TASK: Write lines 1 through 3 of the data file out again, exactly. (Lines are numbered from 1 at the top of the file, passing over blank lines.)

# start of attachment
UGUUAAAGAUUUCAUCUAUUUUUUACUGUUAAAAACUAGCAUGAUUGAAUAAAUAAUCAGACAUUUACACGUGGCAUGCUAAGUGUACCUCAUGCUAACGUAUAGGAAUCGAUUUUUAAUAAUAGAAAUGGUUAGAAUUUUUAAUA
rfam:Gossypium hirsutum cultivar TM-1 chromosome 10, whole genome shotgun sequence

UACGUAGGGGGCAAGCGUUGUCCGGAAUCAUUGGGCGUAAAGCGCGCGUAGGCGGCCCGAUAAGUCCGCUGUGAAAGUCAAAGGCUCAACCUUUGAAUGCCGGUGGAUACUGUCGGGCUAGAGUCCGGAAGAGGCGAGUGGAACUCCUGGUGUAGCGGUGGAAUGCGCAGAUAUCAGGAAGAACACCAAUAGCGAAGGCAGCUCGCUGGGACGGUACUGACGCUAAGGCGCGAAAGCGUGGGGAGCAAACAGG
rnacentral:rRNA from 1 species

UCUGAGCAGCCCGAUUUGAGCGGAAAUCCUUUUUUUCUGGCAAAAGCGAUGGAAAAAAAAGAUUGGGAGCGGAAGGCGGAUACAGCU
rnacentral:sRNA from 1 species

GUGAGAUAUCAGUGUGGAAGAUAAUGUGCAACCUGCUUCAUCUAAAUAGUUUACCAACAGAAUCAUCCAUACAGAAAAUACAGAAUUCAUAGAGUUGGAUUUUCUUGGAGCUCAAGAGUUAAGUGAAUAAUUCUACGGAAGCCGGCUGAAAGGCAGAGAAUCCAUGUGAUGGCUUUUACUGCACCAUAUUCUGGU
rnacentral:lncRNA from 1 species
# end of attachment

UGUUAAAGAUUUCAUCUAUUUUUUACUGUUAAAAACUAGCAUGAUUGAAUAAAUAAUCAGACAUUUACACGUGGCAUGCUAAGUGUACCUCAUGCUAACGUAUAGGAAUCGAUUUUUAAUAAUAGAAAUGGUUAGAAUUUUUAAUA
rfam:Gossypium hirsutum cultivar TM-1 chromosome 10, whole genome shotgun sequence

UACGUAGGGGGCAAGCGUUGUCCGGAAUCAUUGGGCGUAAAGCGCGCGUAGGCGGCCCGAUAAGUCCGCUGUGAAAGUCAAAGGCUCAACCUUUGAAUGCCGGUGGAUACUGUCGGGCUAGAGUCCGGAAGAGGCGAGUGGAACUCCUGGUGUAGCGGUGGAAUGCGCAGAUAUCAGGAAGAACACCAAUAGCGAAGGCAGCUCGCUGGGACGGUACUGACGCUAAGGCGCGAAAGCGUGGGGAGCAAACAGG